Contributed by The Observant Tourist
During our two-week tour of Japan in July 2016, my wife Keiko and I rode all types of trains in the ultra-modern and efficient Japanese railway system. Bullet trains (Shinkansen), express trains, subway trains, local trains – these efficient locomotives took us to 11 cities in three of Japan’s five main islands: Honshu, Kyushu and Hokkaido.
Our extensive train travel also gave me the opportunity to observe the unique social norms and manners of Japanese passengers, particularly in regional Shinkansen trains, which we often rode. For the Japanese, correct manners are very important. Nowhere is this fact more apparent than in trains.
In Japan, very few passengers talk in trains and those who do speak in hushed tones. Children are given some leeway even as their adult companions are expected to keep the kids’ noise level to a minimum. Mobile phones are kept in silent mode (or “manner mode” as it is called in Japan), with calls made and taken behind the closed sliding door of the train’s end sections. Passengers listening to music, watching a video or playing games on their devices use earbuds or headphones with the volume set low enough to ensure spillover noise does not disturb other passengers.
Most passengers recline their seatbacks only slightly while some don’t bother at all. In several instances, I saw passengers speak to the passengers behind them before reclining their seatbacks, presumably to ask permission. So admirably courteous and considerate!
Perhaps a gesture which is part-apology and part-thank you, passengers in window seats nod their head to passengers in the aisle and centre seats for giving way and letting them pass to use the toilet. The same protocol holds true for pedestrian traffic along the aisles and end sections of the train.
The Japanese are very particular about cleanliness. I often saw passengers use table napkins to wipe the retractable tray tables in their seat after eating. Before getting off, passengers collect their trash (plastic bottles and wrappers, table napkins, coffee cups, meal boxes, etc.) and chuck these in garbage bins at the train’s end section.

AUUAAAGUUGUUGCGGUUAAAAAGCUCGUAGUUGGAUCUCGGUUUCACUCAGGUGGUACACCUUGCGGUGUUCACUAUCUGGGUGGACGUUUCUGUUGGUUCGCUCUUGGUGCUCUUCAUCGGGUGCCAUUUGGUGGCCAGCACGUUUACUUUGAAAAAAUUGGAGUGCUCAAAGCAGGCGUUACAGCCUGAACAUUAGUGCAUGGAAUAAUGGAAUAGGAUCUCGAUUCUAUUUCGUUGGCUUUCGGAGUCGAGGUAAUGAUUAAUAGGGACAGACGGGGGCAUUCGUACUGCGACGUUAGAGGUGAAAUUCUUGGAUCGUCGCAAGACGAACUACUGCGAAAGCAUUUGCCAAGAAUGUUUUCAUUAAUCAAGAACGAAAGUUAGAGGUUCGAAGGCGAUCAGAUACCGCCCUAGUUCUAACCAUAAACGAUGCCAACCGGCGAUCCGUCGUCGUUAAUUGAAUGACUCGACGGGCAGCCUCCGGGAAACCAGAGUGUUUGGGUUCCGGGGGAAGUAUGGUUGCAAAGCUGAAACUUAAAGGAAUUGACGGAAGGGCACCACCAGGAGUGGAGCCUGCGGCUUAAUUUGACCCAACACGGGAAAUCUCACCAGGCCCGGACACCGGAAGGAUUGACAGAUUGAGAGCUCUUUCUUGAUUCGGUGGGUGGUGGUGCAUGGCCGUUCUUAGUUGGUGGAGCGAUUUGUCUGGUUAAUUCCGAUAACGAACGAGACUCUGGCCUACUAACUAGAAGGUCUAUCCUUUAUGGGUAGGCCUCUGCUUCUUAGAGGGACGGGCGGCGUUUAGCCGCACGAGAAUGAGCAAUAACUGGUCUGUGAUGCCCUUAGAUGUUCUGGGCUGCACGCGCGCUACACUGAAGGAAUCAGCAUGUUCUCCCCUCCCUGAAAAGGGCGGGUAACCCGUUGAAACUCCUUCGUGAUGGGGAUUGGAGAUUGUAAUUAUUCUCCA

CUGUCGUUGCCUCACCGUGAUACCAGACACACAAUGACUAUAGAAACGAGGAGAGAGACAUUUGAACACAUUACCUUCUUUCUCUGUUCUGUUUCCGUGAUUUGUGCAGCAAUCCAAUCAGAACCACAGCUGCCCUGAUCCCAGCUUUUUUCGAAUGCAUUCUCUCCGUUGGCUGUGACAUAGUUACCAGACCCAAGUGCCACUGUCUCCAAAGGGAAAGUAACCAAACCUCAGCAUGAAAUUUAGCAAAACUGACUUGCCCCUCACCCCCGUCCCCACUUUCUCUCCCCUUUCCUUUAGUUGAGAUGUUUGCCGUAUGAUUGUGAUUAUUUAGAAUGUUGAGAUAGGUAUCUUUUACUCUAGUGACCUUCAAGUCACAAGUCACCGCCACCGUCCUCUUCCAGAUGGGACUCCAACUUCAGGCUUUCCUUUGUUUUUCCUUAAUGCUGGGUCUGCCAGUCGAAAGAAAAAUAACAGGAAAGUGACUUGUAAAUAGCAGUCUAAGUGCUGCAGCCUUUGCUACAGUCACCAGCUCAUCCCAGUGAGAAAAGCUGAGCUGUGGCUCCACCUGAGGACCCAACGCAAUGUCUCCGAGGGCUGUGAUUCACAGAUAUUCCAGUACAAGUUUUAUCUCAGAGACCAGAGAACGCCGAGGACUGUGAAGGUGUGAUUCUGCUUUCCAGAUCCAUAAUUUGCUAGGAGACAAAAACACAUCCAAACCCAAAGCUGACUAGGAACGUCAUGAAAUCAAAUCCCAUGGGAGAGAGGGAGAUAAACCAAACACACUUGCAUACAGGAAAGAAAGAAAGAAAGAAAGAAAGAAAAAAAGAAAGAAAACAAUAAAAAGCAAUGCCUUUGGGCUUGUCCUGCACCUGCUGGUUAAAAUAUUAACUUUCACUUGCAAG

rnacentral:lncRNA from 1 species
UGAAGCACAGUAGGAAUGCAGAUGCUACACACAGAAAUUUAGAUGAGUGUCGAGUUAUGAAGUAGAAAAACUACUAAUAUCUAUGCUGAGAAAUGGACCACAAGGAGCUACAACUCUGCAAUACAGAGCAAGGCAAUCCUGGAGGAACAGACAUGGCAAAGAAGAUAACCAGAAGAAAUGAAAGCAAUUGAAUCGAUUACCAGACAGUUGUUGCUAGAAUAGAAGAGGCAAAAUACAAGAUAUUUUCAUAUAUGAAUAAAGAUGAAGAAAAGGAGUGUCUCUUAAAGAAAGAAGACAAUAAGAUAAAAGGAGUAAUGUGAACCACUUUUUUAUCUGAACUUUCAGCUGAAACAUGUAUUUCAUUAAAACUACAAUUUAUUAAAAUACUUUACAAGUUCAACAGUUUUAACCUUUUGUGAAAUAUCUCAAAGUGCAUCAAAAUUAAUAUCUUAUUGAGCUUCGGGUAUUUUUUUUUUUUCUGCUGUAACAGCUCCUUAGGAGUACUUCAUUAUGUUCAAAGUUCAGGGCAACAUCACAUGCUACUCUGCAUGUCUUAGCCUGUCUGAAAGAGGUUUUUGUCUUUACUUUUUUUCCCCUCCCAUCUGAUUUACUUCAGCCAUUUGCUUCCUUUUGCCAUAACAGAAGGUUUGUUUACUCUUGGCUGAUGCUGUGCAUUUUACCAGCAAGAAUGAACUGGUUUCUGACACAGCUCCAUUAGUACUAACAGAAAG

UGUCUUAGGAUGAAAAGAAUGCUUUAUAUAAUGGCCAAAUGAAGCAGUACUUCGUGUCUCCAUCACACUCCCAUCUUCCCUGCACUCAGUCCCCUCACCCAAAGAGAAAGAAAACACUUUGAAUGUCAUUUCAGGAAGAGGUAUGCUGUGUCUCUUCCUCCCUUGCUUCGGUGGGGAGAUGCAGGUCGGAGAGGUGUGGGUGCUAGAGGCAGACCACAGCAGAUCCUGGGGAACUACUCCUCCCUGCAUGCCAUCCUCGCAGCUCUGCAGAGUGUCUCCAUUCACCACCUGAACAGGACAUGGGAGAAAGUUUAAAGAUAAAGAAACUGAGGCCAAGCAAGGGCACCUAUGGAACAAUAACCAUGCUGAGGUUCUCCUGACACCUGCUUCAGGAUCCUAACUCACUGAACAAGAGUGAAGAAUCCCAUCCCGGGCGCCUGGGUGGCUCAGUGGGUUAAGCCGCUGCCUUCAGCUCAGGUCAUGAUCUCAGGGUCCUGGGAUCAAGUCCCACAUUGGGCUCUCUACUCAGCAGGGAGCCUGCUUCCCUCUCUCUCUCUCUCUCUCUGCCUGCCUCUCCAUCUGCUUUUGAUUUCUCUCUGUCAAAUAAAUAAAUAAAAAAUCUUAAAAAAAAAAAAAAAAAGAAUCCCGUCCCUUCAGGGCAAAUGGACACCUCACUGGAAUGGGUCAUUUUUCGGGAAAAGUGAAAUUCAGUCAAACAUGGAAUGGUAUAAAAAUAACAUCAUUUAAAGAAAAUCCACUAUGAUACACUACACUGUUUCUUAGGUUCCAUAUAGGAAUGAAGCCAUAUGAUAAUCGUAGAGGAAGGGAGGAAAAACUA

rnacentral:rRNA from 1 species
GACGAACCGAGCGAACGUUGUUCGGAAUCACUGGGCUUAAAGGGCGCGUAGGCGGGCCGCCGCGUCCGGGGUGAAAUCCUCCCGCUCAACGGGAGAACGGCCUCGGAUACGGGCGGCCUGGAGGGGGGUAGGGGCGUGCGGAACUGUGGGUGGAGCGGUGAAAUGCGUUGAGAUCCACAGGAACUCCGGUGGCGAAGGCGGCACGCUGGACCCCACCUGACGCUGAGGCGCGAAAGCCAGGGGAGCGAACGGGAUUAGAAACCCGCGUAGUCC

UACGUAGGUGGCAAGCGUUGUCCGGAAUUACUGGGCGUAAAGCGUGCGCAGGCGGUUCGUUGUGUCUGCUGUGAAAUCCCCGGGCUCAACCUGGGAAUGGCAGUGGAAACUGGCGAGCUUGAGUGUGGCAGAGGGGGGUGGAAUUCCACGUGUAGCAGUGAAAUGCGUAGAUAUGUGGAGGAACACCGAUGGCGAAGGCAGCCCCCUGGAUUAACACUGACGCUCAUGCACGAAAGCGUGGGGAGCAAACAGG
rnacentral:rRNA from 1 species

Fashion isn’t something you usually notice when riding trains, but it’s hard to miss the sartorial elegance of Japanese train conductors. Their trendy fashion sense, however, is second only to their politeness. Dressed in a classy blue or gray suit with matching peak cap and stylish wingtip oxfords, the train conductor bows to passengers when he enters or leaves a railcar. Unlike the less formal head nod, the conductor’s bow is a deep, long bend at the waist, indicating respect.
There are lines on the platforms to direct passengers where the train doors will open and where to form queues, but these are hardly necessary. Passengers instinctively form orderly lines when boarding trains. They wait for all disembarking passengers to get off before entering the train. No one rushes to the doors or cuts the line.
Lastly, I have to mention those cheerfully harmonic tones played when a train is arriving at or about to depart from a train station. According to an article by Takeshi Shiraishi in Nikkei Weekly, melodies for departing trains are arranged “to invoke a feeling of relief” among passengers who often have to brave the crowded station and long lines to catch their train. On the other hand, melodies for arriving trains are configured “to cause alertness [and] help shake off sleepiness experienced by morning commuters.”
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